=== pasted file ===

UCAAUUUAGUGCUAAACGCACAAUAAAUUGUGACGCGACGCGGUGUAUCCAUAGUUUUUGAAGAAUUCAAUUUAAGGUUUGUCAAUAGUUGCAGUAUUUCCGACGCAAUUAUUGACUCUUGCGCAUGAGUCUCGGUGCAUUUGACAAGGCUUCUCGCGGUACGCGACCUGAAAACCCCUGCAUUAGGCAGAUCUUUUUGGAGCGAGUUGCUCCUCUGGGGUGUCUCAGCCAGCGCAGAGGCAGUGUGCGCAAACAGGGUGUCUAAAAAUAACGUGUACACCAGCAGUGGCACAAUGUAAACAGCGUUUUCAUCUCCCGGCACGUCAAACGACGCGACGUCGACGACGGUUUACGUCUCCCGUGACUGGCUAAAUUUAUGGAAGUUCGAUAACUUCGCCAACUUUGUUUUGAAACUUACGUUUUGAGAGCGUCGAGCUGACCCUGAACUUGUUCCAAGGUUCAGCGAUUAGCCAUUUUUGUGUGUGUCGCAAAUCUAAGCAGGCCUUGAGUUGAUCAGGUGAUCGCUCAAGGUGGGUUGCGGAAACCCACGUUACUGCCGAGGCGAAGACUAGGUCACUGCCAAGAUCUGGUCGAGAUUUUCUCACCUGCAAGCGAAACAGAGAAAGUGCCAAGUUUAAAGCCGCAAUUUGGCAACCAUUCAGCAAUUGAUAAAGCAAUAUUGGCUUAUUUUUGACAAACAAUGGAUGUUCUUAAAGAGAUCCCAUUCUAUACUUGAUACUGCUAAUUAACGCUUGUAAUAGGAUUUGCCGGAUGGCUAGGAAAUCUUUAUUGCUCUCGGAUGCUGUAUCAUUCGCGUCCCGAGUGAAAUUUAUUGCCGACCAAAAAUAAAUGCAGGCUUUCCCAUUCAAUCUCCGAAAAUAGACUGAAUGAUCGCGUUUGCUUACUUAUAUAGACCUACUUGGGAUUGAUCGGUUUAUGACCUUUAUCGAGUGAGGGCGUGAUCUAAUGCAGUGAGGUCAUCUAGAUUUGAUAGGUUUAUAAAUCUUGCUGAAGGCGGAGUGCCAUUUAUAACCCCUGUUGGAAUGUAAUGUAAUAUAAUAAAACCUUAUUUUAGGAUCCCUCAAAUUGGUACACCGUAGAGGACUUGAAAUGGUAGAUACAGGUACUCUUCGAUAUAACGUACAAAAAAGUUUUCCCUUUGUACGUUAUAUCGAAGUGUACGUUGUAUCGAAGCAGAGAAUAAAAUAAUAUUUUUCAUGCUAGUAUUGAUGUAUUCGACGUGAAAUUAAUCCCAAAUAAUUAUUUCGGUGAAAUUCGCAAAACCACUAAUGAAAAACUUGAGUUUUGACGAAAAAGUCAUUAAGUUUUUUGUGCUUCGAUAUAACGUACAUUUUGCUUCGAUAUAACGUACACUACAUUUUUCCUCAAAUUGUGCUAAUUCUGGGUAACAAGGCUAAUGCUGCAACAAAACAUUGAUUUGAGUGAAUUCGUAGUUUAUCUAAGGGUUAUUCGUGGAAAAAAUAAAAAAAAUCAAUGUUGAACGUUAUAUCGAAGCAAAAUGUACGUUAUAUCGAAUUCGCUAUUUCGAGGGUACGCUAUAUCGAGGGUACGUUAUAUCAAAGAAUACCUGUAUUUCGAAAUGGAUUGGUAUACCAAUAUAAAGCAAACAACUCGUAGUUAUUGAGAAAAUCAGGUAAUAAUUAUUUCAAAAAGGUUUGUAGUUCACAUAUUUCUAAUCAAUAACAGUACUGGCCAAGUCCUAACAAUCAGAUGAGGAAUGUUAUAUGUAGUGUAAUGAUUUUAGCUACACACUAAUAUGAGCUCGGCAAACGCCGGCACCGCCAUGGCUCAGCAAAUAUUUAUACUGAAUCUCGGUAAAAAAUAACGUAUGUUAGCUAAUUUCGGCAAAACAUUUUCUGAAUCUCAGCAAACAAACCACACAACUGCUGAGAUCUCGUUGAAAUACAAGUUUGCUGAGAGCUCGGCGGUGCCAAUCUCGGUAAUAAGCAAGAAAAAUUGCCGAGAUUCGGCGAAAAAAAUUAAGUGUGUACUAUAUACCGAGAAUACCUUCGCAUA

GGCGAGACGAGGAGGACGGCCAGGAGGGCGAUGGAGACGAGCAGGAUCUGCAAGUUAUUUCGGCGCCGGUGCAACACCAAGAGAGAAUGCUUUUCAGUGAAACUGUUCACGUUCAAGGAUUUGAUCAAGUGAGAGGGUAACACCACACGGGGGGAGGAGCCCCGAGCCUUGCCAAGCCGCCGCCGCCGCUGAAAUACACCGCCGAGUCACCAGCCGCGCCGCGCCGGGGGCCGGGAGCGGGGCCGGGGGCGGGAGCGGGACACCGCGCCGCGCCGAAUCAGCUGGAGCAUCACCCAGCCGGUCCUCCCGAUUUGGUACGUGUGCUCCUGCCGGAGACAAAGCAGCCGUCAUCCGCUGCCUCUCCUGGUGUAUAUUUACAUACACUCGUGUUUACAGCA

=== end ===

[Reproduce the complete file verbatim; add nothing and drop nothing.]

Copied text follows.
UCAAUUUAGUGCUAAACGCACAAUAAAUUGUGACGCGACGCGGUGUAUCCAUAGUUUUUGAAGAAUUCAAUUUAAGGUUUGUCAAUAGUUGCAGUAUUUCCGACGCAAUUAUUGACUCUUGCGCAUGAGUCUCGGUGCAUUUGACAAGGCUUCUCGCGGUACGCGACCUGAAAACCCCUGCAUUAGGCAGAUCUUUUUGGAGCGAGUUGCUCCUCUGGGGUGUCUCAGCCAGCGCAGAGGCAGUGUGCGCAAACAGGGUGUCUAAAAAUAACGUGUACACCAGCAGUGGCACAAUGUAAACAGCGUUUUCAUCUCCCGGCACGUCAAACGACGCGACGUCGACGACGGUUUACGUCUCCCGUGACUGGCUAAAUUUAUGGAAGUUCGAUAACUUCGCCAACUUUGUUUUGAAACUUACGUUUUGAGAGCGUCGAGCUGACCCUGAACUUGUUCCAAGGUUCAGCGAUUAGCCAUUUUUGUGUGUGUCGCAAAUCUAAGCAGGCCUUGAGUUGAUCAGGUGAUCGCUCAAGGUGGGUUGCGGAAACCCACGUUACUGCCGAGGCGAAGACUAGGUCACUGCCAAGAUCUGGUCGAGAUUUUCUCACCUGCAAGCGAAACAGAGAAAGUGCCAAGUUUAAAGCCGCAAUUUGGCAACCAUUCAGCAAUUGAUAAAGCAAUAUUGGCUUAUUUUUGACAAACAAUGGAUGUUCUUAAAGAGAUCCCAUUCUAUACUUGAUACUGCUAAUUAACGCUUGUAAUAGGAUUUGCCGGAUGGCUAGGAAAUCUUUAUUGCUCUCGGAUGCUGUAUCAUUCGCGUCCCGAGUGAAAUUUAUUGCCGACCAAAAAUAAAUGCAGGCUUUCCCAUUCAAUCUCCGAAAAUAGACUGAAUGAUCGCGUUUGCUUACUUAUAUAGACCUACUUGGGAUUGAUCGGUUUAUGACCUUUAUCGAGUGAGGGCGUGAUCUAAUGCAGUGAGGUCAUCUAGAUUUGAUAGGUUUAUAAAUCUUGCUGAAGGCGGAGUGCCAUUUAUAACCCCUGUUGGAAUGUAAUGUAAUAUAAUAAAACCUUAUUUUAGGAUCCCUCAAAUUGGUACACCGUAGAGGACUUGAAAUGGUAGAUACAGGUACUCUUCGAUAUAACGUACAAAAAAGUUUUCCCUUUGUACGUUAUAUCGAAGUGUACGUUGUAUCGAAGCAGAGAAUAAAAUAAUAUUUUUCAUGCUAGUAUUGAUGUAUUCGACGUGAAAUUAAUCCCAAAUAAUUAUUUCGGUGAAAUUCGCAAAACCACUAAUGAAAAACUUGAGUUUUGACGAAAAAGUCAUUAAGUUUUUUGUGCUUCGAUAUAACGUACAUUUUGCUUCGAUAUAACGUACACUACAUUUUUCCUCAAAUUGUGCUAAUUCUGGGUAACAAGGCUAAUGCUGCAACAAAACAUUGAUUUGAGUGAAUUCGUAGUUUAUCUAAGGGUUAUUCGUGGAAAAAAUAAAAAAAAUCAAUGUUGAACGUUAUAUCGAAGCAAAAUGUACGUUAUAUCGAAUUCGCUAUUUCGAGGGUACGCUAUAUCGAGGGUACGUUAUAUCAAAGAAUACCUGUAUUUCGAAAUGGAUUGGUAUACCAAUAUAAAGCAAACAACUCGUAGUUAUUGAGAAAAUCAGGUAAUAAUUAUUUCAAAAAGGUUUGUAGUUCACAUAUUUCUAAUCAAUAACAGUACUGGCCAAGUCCUAACAAUCAGAUGAGGAAUGUUAUAUGUAGUGUAAUGAUUUUAGCUACACACUAAUAUGAGCUCGGCAAACGCCGGCACCGCCAUGGCUCAGCAAAUAUUUAUACUGAAUCUCGGUAAAAAAUAACGUAUGUUAGCUAAUUUCGGCAAAACAUUUUCUGAAUCUCAGCAAACAAACCACACAACUGCUGAGAUCUCGUUGAAAUACAAGUUUGCUGAGAGCUCGGCGGUGCCAAUCUCGGUAAUAAGCAAGAAAAAUUGCCGAGAUUCGGCGAAAAAAAUUAAGUGUGUACUAUAUACCGAGAAUACCUUCGCAUA

GGCGAGACGAGGAGGACGGCCAGGAGGGCGAUGGAGACGAGCAGGAUCUGCAAGUUAUUUCGGCGCCGGUGCAACACCAAGAGAGAAUGCUUUUCAGUGAAACUGUUCACGUUCAAGGAUUUGAUCAAGUGAGAGGGUAACACCACACGGGGGGAGGAGCCCCGAGCCUUGCCAAGCCGCCGCCGCCGCUGAAAUACACCGCCGAGUCACCAGCCGCGCCGCGCCGGGGGCCGGGAGCGGGGCCGGGGGCGGGAGCGGGACACCGCGCCGCGCCGAAUCAGCUGGAGCAUCACCCAGCCGGUCCUCCCGAUUUGGUACGUGUGCUCCUGCCGGAGACAAAGCAGCCGUCAUCCGCUGCCUCUCCUGGUGUAUAUUUACAUACACUCGUGUUUACAGCA